NC Info High and kids in Chapel Hill, NC
S. A. Modena
samodena at csemail.cropsci.ncsu.edu
Wed Jul 7 01:46:07 EST 1993
I picked the following up from a local freenet newsgroup: I thought it
might be of interest to some......it's long and not suitable for anyone
too busy to read through a loaded emailbox with patience. :^) I really
missed seening any mention of biology in there...I'm going to make a
point to contact Ms Pedersen and let her in on the treasure of Una
Smith's biological partition on Sunsite.unc.edu, right there in Chapel
Hill. :^) If any of you can think of something on the network that
these childern should be aware of, you can use Ms Pedersen's email address
down there by the '<<<====='.
Article: 210 of triangle.freenet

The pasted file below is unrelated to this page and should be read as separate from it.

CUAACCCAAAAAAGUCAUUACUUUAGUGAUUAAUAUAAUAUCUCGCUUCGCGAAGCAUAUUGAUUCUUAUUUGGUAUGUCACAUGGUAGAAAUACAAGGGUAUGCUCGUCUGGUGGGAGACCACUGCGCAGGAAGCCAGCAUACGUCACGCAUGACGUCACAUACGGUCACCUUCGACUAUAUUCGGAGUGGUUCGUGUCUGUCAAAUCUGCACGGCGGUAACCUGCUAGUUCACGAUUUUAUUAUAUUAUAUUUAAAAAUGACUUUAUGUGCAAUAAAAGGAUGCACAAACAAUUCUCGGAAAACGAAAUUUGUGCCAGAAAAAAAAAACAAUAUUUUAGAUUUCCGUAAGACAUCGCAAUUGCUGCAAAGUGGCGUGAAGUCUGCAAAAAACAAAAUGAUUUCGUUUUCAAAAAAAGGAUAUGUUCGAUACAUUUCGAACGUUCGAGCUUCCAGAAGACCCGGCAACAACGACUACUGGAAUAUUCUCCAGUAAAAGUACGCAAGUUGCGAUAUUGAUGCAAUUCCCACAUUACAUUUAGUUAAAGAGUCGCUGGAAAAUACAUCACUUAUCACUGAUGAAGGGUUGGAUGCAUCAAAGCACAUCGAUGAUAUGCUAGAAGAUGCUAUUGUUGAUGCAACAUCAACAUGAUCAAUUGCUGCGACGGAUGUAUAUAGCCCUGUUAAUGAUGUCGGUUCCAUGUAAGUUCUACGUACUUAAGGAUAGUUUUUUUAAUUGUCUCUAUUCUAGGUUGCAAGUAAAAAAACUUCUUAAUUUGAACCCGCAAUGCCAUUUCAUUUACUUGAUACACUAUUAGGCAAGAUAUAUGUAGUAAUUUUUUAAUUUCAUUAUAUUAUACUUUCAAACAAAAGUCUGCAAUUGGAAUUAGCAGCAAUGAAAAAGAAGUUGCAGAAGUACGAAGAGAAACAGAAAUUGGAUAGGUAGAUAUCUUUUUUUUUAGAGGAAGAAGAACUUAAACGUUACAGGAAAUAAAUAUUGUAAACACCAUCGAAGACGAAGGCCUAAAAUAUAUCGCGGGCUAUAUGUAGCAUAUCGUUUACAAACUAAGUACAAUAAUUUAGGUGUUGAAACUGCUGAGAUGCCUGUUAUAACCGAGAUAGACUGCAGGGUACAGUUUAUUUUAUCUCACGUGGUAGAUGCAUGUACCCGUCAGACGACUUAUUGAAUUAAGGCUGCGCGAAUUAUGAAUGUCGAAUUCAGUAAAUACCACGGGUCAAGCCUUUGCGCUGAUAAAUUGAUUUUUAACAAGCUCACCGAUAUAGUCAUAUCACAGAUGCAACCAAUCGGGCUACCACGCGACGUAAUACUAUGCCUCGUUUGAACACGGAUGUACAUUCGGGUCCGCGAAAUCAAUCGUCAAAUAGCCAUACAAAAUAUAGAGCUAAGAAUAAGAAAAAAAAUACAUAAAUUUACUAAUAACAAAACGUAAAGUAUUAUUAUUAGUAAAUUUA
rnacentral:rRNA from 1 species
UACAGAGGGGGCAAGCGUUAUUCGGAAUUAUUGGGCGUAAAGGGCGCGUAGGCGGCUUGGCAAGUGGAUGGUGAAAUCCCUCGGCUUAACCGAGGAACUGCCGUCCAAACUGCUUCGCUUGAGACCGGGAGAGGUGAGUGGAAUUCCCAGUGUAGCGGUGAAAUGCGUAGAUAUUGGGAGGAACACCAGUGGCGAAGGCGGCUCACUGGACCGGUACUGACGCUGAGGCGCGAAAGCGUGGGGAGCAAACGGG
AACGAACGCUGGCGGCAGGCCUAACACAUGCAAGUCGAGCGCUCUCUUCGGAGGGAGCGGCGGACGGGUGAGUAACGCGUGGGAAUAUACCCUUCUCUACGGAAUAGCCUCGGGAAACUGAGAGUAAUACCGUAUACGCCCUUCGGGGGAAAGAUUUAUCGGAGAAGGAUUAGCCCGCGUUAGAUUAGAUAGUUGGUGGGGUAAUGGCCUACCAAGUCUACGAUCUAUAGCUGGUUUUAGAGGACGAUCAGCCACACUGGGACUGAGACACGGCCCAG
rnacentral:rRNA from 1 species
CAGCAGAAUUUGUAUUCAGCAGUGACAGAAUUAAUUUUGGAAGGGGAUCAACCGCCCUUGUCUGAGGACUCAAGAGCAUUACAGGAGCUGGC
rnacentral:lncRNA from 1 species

>From: hallman at gibbs.oit.unc.EDU (Judy Hallman)
Subject: Pedersen's letter to Gov. Hunt
Date: 6 Jul 1993 23:37:41 -0400
Reply-To: <hallman at gibbs.oit.unc.edu>
>From pedersen at cardinal.ncsc.org Tue Jul 6 23:22:33 1993 <<<=======
Date: Tue, 6 Jul 93 19:54:10 -0400
From: Barbara Pedersen <pedersen at cardinal.ncsc.org>
To: hallman at gibbs.oit.unc.edu
June 27, 1993
The Honorable James Hunt
Governor of the State of North Carolina
116 West Jones Street
Raleigh, North Carolina 27603-8001
Dear Governor Hunt:
I have followed with great interest your proposals for an Information
Highway for the State of North Carolina. I teach science on a 6th and 7th
grade team at Guy B. Phillips Middle School in Chapel Hill, NC. Two years
ago the North Carolina Supercomputing Center made a connection to the
Internet and user training available to us in a pilot project to see what
could be done with such a connection at the middle school level.
At this point we never again want to live without it! I am enclosing a
summary of just some of the activities we have engaged in the past two
years. It did take time to become comfortable with using e-mail and to find
sources of activities appropriate for our kids. While this type of use is not